Philu: I am not a “denialist”, you don’t seem to understand how science works – through debate. I have not yet sold out to one view, like you have. That doesn’t make me a “denialist”. And if I was, what would the problem be with that? If I blindly believed one view it would be no worse than you blindly believing the other.

  10. stop trolling dennis..

    ..the one message that came out of that meeting between clark/rudd was agreement on the science..

    ..stop trying to reignate irrelevant/old arguments..

    ..aside from a few denialists like yourself..

    ..everyone has accepted the need to act..

    ..as soon as possible..

    ..which is part of the reason the greens should/must adopt a strong est as their election bottom-line..

    ..phil(whoar.co.nz)

  11. Thanks for bringing us back a bit Mr Dennis. There are actually two huge issues. Yes, climate change is a biggie and the Greens firmly believe that a price on carbon is a key aspect to dealing with it. The other is peak oil, which is a huge threat to the economy. If there is a silver lining to this, it is that what helps with one problem helps with the other as well.

  12. This thread is going off track!

    The most important issue, which the Greens aren’t addressing, is whether human-induced climate change is actually occurring, and if it is, whether it can actually be stopped through emissions reductions. We have this debate here a lot and I won’t get into it again. But this is the most fundamental question that needs to be addressed before supporting an ETS or any other measures.

  13. big bro:

    “You ask for public submissions in election year yet you refused to take any notice of what the public wanted re the anti smacking bill.”

    First, the bill wasn’t about smacking. Second, the public was split. There was plenty of support for the bill or you wouldn’t have had all but two MPs vote for it. Third, its just not a comparable to the ETS, which is hugely complex and will have an effect on the whole economy, rather than the few people who get arrested for beating their kids with hose pipes. Fourth, the Greens obviously haven’t got everything they want and have a difficult decision to make. They have conducted a lot of their ETS negotiations in public already, so this latest isn’t really surprising. Fifth, of course it matters in terms of the election, as others have pointed out.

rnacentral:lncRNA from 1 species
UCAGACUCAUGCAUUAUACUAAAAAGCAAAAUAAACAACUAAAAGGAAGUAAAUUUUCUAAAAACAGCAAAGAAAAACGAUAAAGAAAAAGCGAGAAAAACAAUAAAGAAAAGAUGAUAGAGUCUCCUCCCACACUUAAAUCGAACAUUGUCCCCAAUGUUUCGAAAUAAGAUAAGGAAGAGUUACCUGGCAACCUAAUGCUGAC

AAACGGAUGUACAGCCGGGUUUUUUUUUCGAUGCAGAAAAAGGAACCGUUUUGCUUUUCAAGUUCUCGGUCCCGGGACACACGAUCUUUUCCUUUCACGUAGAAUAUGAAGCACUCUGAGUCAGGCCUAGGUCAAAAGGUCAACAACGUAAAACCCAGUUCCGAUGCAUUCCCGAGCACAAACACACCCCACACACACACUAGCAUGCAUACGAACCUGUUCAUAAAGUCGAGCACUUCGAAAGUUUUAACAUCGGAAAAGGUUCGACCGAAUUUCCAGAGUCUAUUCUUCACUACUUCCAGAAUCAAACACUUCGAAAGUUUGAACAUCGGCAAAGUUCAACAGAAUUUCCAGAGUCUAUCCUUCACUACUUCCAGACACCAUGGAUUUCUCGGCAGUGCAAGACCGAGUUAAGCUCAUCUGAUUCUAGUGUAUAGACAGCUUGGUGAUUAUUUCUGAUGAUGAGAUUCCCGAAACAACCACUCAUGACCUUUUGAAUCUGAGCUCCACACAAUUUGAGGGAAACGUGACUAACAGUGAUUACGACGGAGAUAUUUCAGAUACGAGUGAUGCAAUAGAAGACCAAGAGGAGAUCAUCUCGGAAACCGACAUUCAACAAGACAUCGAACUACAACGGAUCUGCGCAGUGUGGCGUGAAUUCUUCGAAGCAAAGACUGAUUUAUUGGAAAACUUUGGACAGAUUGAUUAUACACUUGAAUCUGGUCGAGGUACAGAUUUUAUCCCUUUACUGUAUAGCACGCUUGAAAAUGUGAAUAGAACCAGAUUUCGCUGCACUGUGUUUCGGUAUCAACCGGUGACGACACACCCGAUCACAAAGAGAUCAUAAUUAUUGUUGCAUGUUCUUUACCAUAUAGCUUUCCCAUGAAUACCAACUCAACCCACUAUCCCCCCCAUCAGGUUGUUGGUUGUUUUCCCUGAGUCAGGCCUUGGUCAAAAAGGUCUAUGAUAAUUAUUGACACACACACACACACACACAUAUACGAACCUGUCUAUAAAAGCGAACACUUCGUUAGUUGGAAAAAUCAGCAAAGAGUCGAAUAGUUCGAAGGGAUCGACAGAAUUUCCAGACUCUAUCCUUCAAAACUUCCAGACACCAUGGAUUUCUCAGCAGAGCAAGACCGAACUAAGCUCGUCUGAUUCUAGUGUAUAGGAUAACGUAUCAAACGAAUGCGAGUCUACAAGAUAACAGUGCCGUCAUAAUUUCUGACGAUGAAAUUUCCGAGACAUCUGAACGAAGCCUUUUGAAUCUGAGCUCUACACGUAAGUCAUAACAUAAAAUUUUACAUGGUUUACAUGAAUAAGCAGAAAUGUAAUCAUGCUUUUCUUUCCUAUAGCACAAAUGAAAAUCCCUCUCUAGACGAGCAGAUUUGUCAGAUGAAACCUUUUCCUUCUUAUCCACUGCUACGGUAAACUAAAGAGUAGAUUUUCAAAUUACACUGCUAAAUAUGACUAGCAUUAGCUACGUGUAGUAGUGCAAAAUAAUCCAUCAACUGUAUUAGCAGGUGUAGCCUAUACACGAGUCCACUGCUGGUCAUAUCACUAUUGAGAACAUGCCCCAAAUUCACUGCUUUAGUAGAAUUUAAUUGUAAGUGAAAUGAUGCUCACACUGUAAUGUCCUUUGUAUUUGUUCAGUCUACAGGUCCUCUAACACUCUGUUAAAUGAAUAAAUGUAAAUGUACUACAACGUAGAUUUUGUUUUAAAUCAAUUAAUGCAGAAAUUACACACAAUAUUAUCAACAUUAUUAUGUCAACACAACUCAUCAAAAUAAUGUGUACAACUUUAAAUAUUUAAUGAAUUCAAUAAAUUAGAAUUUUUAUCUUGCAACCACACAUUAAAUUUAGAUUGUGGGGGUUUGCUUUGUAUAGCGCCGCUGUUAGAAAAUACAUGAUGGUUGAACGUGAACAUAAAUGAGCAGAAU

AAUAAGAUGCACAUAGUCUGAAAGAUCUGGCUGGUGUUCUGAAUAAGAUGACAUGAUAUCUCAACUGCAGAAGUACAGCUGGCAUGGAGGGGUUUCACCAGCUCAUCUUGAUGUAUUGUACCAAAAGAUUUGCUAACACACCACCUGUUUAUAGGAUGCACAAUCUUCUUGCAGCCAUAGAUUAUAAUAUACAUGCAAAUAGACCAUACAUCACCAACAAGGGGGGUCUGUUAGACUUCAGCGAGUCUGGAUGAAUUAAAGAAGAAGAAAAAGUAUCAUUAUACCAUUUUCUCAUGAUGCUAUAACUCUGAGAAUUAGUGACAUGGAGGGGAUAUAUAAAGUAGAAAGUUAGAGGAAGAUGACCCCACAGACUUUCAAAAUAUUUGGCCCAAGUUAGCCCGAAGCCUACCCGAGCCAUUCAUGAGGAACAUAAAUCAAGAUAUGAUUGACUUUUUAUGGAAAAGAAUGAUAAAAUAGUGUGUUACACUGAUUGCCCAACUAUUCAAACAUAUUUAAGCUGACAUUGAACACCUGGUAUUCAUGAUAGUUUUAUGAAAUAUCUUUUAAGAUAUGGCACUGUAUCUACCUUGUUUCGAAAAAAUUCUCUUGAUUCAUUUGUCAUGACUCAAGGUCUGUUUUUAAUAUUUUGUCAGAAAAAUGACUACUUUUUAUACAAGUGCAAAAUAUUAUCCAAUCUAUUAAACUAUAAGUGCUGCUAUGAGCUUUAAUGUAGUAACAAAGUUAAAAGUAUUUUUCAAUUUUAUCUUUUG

14. �Replace skins with fibre, meat with nuts, stems, roots, tubers, rhyzomes, leaves, etc. etc. �

    So what is actually wrong with eating animal flesh ?

    Bryan – I said, replace…elevate .. no mention of ‘wrong’. In the same way that clinging to petrol engines has squashed the development of other fuels/systems for motor vehicles and the abundance of petroleum based fertilizers has kept other (more sustainable) methods out of the mainstream, so meat eating (and the market that supports it) is hindering the development of plant based food research and development. It’s the old story. Phil is up against that with his campaign.

  15. having just heard jeanette on the radio..

    ..my feedback would be not to help pass a (faintly) incrementalist bill..

    (that still forces everyone else to subsidise/pay for the polluting farmers..

    ..untill 2013.!.)

    ..but to say no..(for all the right reasons..)

    ..and to fight the campaign on that issue..

    ..with a strong e.t.s. being your bottom-line for any coalition negotiations..

    ..there’s your 10-15%..!

    ..there’s your trans-ideological issue to run on..